Dress Down Friday

A thin excuse for some German expressionism

Reading through Ian Buruma’s “Occidentalism” I came across an absolutely shocking passage.

Apparently Islamist ideologue Sayid Qutb (he who felt the all the horrors of unbridled western lust at a church dance in Colorado) was a fan of Franz Marc, the German expressionist painter who was tragically killed at the battle of Verdun in 1916.

As Buruma puts it:

In a New York museum, he [Qutb] was so entranced by a Franz Marc painting of a fox that he spent an hour staring at it, and was amazed that Americans, in a hurry to see all the pictures in the show, gave it only a glimpse. Clearly, he thought, Westerners were incapable of spiritual or aesthetic contemplation

This is terrible. I even have a reproduction of “the Blue Horse” hanging on the wall at home. And Marc’s semi-cubist fox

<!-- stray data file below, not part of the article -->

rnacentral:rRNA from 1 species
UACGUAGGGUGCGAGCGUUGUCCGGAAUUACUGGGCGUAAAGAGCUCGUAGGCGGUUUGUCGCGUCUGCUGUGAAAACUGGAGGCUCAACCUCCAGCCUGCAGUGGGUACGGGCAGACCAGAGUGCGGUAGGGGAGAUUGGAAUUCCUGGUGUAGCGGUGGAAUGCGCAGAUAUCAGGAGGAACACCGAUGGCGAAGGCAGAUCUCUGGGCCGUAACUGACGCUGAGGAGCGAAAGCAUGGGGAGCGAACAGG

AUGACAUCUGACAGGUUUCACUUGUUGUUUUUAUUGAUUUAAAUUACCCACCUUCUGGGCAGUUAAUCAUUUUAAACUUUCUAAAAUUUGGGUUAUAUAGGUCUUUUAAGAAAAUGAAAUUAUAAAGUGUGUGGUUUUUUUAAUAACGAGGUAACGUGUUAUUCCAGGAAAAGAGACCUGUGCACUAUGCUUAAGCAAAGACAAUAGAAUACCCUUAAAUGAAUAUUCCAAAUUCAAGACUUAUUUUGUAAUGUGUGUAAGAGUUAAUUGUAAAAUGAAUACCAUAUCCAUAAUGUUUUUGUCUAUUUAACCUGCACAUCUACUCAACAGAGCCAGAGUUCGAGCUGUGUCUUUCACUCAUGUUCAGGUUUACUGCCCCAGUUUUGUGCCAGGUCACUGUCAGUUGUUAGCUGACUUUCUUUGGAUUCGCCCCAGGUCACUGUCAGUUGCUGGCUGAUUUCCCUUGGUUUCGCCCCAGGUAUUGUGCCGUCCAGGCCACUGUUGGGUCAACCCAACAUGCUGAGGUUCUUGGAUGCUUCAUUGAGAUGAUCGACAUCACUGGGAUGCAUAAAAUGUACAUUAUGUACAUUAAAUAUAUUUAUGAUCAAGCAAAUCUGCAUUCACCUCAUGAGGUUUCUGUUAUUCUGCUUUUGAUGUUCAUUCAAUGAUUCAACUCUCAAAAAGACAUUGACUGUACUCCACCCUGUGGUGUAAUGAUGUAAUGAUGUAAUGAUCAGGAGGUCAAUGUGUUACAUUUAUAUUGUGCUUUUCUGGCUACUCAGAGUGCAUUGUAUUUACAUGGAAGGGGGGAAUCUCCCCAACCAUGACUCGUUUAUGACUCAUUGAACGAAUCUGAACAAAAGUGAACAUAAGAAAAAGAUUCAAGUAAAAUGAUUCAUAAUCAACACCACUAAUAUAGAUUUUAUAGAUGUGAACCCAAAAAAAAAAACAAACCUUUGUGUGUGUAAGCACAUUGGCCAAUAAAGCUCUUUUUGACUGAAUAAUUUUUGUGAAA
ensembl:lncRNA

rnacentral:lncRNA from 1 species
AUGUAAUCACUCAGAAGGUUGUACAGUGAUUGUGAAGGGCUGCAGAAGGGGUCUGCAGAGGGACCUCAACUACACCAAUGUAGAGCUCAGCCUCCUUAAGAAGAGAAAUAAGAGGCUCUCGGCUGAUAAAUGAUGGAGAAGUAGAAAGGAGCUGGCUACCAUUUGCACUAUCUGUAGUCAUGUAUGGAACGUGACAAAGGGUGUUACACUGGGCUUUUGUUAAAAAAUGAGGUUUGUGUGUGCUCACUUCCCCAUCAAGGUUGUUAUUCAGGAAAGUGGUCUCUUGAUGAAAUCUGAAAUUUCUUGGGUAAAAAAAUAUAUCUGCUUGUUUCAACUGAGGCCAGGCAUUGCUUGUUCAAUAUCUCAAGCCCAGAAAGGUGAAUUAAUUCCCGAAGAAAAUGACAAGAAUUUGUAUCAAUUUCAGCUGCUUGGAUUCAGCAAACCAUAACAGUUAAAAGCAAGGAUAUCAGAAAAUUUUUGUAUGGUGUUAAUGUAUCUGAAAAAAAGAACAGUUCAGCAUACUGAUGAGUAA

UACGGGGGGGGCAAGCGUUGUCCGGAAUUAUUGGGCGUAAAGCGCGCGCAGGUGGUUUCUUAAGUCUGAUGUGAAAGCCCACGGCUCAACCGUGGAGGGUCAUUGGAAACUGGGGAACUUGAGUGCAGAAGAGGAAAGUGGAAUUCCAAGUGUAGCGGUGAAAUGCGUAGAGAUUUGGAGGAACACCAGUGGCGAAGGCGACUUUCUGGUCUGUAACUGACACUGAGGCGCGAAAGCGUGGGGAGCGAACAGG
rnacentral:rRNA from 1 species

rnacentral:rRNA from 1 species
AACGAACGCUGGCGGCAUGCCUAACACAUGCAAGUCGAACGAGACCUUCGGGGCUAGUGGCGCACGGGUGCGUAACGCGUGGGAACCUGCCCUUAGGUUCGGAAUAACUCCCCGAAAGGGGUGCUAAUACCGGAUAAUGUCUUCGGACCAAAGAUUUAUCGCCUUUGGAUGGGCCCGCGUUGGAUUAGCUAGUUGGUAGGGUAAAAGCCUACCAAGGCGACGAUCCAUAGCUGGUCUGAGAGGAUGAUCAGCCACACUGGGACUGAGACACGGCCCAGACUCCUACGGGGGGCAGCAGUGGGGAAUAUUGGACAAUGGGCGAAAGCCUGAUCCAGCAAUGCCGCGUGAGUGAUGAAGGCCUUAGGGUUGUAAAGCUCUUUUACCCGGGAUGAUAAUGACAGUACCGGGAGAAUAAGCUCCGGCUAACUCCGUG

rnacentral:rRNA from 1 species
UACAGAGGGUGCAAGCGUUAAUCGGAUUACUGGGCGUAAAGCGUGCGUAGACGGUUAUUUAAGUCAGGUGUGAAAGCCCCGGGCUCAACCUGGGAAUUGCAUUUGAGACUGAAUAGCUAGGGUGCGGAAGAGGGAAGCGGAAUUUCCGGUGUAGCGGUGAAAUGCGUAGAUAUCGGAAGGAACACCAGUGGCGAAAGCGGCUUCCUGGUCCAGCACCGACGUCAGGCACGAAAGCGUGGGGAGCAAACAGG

has always been one of my favourite pictures

Marc painted a fairly realistic blue and black fox , but unless it was on loan from the Von der Heydt-Museum in Wuppertal this could not have been the one Qutb saw. I could begin to understand an Islamist going for this semi-realist representation. But cubism? I’m ashamed to say that I have no idea where the “cubist fox” is, and am assuming it is in a private collection.

Marc also painted two groups of four foxes


But Buruma does say a single fox. I suppose I am going to have to resign myself to sharing aesthetic tastes with islamists.

Yes I know that Islam is supposedly bound to “non-representational” art, but it’s just not true. Qutb’s brother Mohammed (a former tutor to Osama Bin Laden) was a bit of an art critic himself, once pointing out that:

…all artistic efforts are but a reflection of a man’s concepts, beliefs and intuitions; they reflect whatever pictures of life and the world are found in a man’s intuition.

Have any of your favourite works of art or music ever seemed more tainted when given the seal of approval by people you find extremely unpleasant?